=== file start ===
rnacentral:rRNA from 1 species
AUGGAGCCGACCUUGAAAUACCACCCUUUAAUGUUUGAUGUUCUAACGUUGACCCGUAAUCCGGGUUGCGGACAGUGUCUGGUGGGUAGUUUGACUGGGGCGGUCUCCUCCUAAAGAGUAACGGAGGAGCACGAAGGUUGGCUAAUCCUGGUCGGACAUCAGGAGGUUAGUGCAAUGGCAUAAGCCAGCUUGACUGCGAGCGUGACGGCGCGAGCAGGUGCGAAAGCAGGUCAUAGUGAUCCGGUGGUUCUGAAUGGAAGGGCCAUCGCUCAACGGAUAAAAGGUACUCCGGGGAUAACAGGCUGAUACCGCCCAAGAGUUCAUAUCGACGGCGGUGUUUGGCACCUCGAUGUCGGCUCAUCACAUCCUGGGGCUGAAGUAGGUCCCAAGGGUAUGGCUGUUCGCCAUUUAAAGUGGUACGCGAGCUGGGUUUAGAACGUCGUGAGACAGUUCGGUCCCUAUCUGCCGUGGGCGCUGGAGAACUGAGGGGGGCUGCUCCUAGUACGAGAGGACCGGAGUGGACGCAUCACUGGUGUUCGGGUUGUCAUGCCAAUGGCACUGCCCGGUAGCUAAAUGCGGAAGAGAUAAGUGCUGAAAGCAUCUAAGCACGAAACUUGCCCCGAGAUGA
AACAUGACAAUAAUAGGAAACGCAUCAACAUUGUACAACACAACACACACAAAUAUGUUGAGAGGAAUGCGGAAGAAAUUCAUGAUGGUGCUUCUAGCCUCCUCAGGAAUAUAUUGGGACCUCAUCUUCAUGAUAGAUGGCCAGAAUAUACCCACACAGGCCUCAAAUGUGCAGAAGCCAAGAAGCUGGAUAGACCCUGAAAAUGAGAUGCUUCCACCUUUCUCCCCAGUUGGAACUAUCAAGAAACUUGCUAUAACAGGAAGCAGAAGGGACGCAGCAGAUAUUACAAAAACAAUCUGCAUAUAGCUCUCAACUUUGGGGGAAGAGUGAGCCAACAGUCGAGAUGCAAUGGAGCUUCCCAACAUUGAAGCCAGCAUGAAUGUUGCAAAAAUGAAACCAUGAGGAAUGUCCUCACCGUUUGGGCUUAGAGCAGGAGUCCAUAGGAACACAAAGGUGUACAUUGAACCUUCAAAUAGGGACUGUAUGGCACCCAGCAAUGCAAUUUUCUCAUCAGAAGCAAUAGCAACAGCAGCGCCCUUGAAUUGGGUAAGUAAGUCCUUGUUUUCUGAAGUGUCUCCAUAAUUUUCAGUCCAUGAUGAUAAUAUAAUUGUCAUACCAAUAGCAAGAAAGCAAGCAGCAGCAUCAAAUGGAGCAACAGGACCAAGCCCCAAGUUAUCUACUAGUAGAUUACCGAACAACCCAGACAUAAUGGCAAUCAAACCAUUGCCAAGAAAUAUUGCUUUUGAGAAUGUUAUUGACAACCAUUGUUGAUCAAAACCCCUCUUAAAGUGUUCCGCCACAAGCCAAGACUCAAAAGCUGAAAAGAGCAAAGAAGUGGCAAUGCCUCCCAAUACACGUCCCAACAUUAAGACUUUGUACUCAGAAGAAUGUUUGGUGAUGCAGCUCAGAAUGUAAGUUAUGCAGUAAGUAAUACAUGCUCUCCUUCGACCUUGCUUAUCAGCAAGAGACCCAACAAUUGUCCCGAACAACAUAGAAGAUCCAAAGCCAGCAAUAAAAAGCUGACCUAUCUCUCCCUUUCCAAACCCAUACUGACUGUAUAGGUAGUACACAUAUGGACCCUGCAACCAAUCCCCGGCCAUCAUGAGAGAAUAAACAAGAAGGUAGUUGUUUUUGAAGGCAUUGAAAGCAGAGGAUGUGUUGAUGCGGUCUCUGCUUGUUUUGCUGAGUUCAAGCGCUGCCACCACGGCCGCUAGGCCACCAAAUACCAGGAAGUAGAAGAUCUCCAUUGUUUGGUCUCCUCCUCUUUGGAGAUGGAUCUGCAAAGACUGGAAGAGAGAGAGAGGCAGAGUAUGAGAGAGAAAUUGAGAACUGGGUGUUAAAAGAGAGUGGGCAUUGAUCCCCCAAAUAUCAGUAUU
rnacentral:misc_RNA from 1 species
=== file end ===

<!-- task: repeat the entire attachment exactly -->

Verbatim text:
rnacentral:rRNA from 1 species
AUGGAGCCGACCUUGAAAUACCACCCUUUAAUGUUUGAUGUUCUAACGUUGACCCGUAAUCCGGGUUGCGGACAGUGUCUGGUGGGUAGUUUGACUGGGGCGGUCUCCUCCUAAAGAGUAACGGAGGAGCACGAAGGUUGGCUAAUCCUGGUCGGACAUCAGGAGGUUAGUGCAAUGGCAUAAGCCAGCUUGACUGCGAGCGUGACGGCGCGAGCAGGUGCGAAAGCAGGUCAUAGUGAUCCGGUGGUUCUGAAUGGAAGGGCCAUCGCUCAACGGAUAAAAGGUACUCCGGGGAUAACAGGCUGAUACCGCCCAAGAGUUCAUAUCGACGGCGGUGUUUGGCACCUCGAUGUCGGCUCAUCACAUCCUGGGGCUGAAGUAGGUCCCAAGGGUAUGGCUGUUCGCCAUUUAAAGUGGUACGCGAGCUGGGUUUAGAACGUCGUGAGACAGUUCGGUCCCUAUCUGCCGUGGGCGCUGGAGAACUGAGGGGGGCUGCUCCUAGUACGAGAGGACCGGAGUGGACGCAUCACUGGUGUUCGGGUUGUCAUGCCAAUGGCACUGCCCGGUAGCUAAAUGCGGAAGAGAUAAGUGCUGAAAGCAUCUAAGCACGAAACUUGCCCCGAGAUGA
AACAUGACAAUAAUAGGAAACGCAUCAACAUUGUACAACACAACACACACAAAUAUGUUGAGAGGAAUGCGGAAGAAAUUCAUGAUGGUGCUUCUAGCCUCCUCAGGAAUAUAUUGGGACCUCAUCUUCAUGAUAGAUGGCCAGAAUAUACCCACACAGGCCUCAAAUGUGCAGAAGCCAAGAAGCUGGAUAGACCCUGAAAAUGAGAUGCUUCCACCUUUCUCCCCAGUUGGAACUAUCAAGAAACUUGCUAUAACAGGAAGCAGAAGGGACGCAGCAGAUAUUACAAAAACAAUCUGCAUAUAGCUCUCAACUUUGGGGGAAGAGUGAGCCAACAGUCGAGAUGCAAUGGAGCUUCCCAACAUUGAAGCCAGCAUGAAUGUUGCAAAAAUGAAACCAUGAGGAAUGUCCUCACCGUUUGGGCUUAGAGCAGGAGUCCAUAGGAACACAAAGGUGUACAUUGAACCUUCAAAUAGGGACUGUAUGGCACCCAGCAAUGCAAUUUUCUCAUCAGAAGCAAUAGCAACAGCAGCGCCCUUGAAUUGGGUAAGUAAGUCCUUGUUUUCUGAAGUGUCUCCAUAAUUUUCAGUCCAUGAUGAUAAUAUAAUUGUCAUACCAAUAGCAAGAAAGCAAGCAGCAGCAUCAAAUGGAGCAACAGGACCAAGCCCCAAGUUAUCUACUAGUAGAUUACCGAACAACCCAGACAUAAUGGCAAUCAAACCAUUGCCAAGAAAUAUUGCUUUUGAGAAUGUUAUUGACAACCAUUGUUGAUCAAAACCCCUCUUAAAGUGUUCCGCCACAAGCCAAGACUCAAAAGCUGAAAAGAGCAAAGAAGUGGCAAUGCCUCCCAAUACACGUCCCAACAUUAAGACUUUGUACUCAGAAGAAUGUUUGGUGAUGCAGCUCAGAAUGUAAGUUAUGCAGUAAGUAAUACAUGCUCUCCUUCGACCUUGCUUAUCAGCAAGAGACCCAACAAUUGUCCCGAACAACAUAGAAGAUCCAAAGCCAGCAAUAAAAAGCUGACCUAUCUCUCCCUUUCCAAACCCAUACUGACUGUAUAGGUAGUACACAUAUGGACCCUGCAACCAAUCCCCGGCCAUCAUGAGAGAAUAAACAAGAAGGUAGUUGUUUUUGAAGGCAUUGAAAGCAGAGGAUGUGUUGAUGCGGUCUCUGCUUGUUUUGCUGAGUUCAAGCGCUGCCACCACGGCCGCUAGGCCACCAAAUACCAGGAAGUAGAAGAUCUCCAUUGUUUGGUCUCCUCCUCUUUGGAGAUGGAUCUGCAAAGACUGGAAGAGAGAGAGAGGCAGAGUAUGAGAGAGAAAUUGAGAACUGGGUGUUAAAAGAGAGUGGGCAUUGAUCCCCCAAAUAUCAGUAUU
rnacentral:misc_RNA from 1 species